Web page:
Pneumococcal Pneumonia



What is Pneumococcal Pneumonia? Pneumonia is a lung disease. Pneumococcal pneumonia is a kind of pneumonia, which can infect the upper respiratory tract and can spread to the blood, lungs, middle ear or nervous system.

Pneumococcal pneumonia mainly causes illness in children younger than 5-years old and adults 65-years of age or older. The elderly are especially at risk of getting seriously ill and dying from this disease. In addition, people with certain medical conditions, such as chronic heart, lung, liver diseases, or sickle cell anemia are also at increased risk of getting pneumococcal pneumonia. People with HIV/AIDS or people who have had organ transplants and are taking medicines that lower their resistance to infection are also at high risk of getting this disease.



Causes of Pneumococcal Pneumonia

Pneumonia can be caused by a variety of viruses, bacteria, and sometimes fungi. Pneumococcal pneumonia is caused by bacteria called Streptococcus pneumoniae, or strep. S. pneumoniae is also called pneumococcus.

Transmission of Pneumococcal Pneumonia

Pneumococcus is spread through contact with people who are ill or who carry the bacteria in their throat. You can get pneumococcal pneumonia from respiratory droplets from the nose or mouth of an infected person. It is common for people, especially children, to carry the bacteria in their throats without being sick.

Symptoms of Pneumococcal Pneumonia

Pneumococcal pneumonia may begin suddenly. You may first have a severe shaking chill which is usually followed by:

  • High fever
  • Cough
  • Shortness of breath
  • Rapid breathing
  • Chest pains

Other symptoms may include:

  • Nausea
  • Vomiting
  • Headache
  • Tiredness
  • Muscle aches

Diagnosis of Pneumococcal Pneumonia

Your health care provider can diagnose pneumonia based on your:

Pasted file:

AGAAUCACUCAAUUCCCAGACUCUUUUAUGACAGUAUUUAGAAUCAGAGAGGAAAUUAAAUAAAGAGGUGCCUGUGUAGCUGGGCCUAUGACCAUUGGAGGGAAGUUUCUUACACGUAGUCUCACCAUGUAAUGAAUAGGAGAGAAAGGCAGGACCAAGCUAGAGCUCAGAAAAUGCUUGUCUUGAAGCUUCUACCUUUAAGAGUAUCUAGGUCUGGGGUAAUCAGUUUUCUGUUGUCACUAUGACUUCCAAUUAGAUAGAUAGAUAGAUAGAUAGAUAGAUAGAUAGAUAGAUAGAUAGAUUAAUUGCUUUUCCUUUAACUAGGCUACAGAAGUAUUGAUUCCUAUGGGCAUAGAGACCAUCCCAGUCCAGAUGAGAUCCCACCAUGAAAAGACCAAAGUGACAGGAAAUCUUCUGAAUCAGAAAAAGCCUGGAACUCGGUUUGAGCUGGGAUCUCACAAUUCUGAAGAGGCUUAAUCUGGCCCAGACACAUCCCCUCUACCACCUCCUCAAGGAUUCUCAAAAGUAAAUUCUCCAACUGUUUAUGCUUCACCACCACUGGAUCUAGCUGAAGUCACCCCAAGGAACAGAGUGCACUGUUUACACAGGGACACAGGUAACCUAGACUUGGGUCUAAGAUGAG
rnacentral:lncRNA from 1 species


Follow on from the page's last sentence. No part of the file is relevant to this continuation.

• Symptoms
  • Physical exam
  • Lab tests
  • Chest X-ray

Other bacteria and germs also can cause pneumonia. Therefore, if you have any of the symptoms of pneumonia, you should get diagnosed early and start taking medicine, if appropriate.

Your health care provider can usually diagnose pneumococcal pneumonia by finding S. pneumoniae bacteria in your blood, saliva, or lung fluid.



Treatment of Pneumococcal Pneumonia

Your health care provider usually will prescribe antibiotics to treat this disease. The symptoms of pneumococcal pneumonia usually go away within 12 to 36 hours after you start taking medicine.

Some bacteria such as S. pneumoniae, however, are now capable of resisting and fighting off antibiotics. Such antibiotic resistance is increasing worldwide because these medicines have been overused or misused. Therefore, if you are at risk of getting pneumococcal pneumonia, you should talk with your health care provider about what you can do to prevent it.

Prevention of Pneumococcal Pneumonia

Getting the pneumococcal vaccine is the main way you can reduce your chances of getting pneumococcal pneumonia. Vaccines are available for children and adults.

The Centers for Disease Control and Prevention (CDC) recommends that you get the pneumococcal pneumonia vaccine if you are in any of the following groups:

  • You are 65 years old or older
  • You have a serious long-term health problem such as heart disease, sickle cell disease, alcoholism, lung disease (not including asthma), diabetes, or liver cirrhosis
  • Your resistance to infection is lowered due to:
    • HIV/AIDS
    • Lymphoma, leukemia, or other cancers
    • Cancer treatment with X-rays or medicines
    • Treatment with long-term steroid medicines
    • Bone marrow or organ transplant
    • Kidney failure or kidney syndrome
    • Damaged spleen or no spleen
  • You are an Alaskan Native or from certain Native American populations

CDC also recommends that all babies and children younger than 59-months old get the pneumococcal vaccine. Children over 24-months old who are at high risk of getting pneumococcal disease and adults with risk factors may receive the pneumococcal polysaccharide vaccine.

Contact your health care provider to find out whether you or your child should be vaccinated to prevent pneumococcal pneumonia.

Complications of Pneumococcal Pneumonia

In about one-third of people suffering from pneumococcal-pneumonia the bacteria invades the bloodstream from the lungs. This causes bacteremia, a very serious complication of pneumococcal pneumonia that can also cause other lung problems and certain heart problems.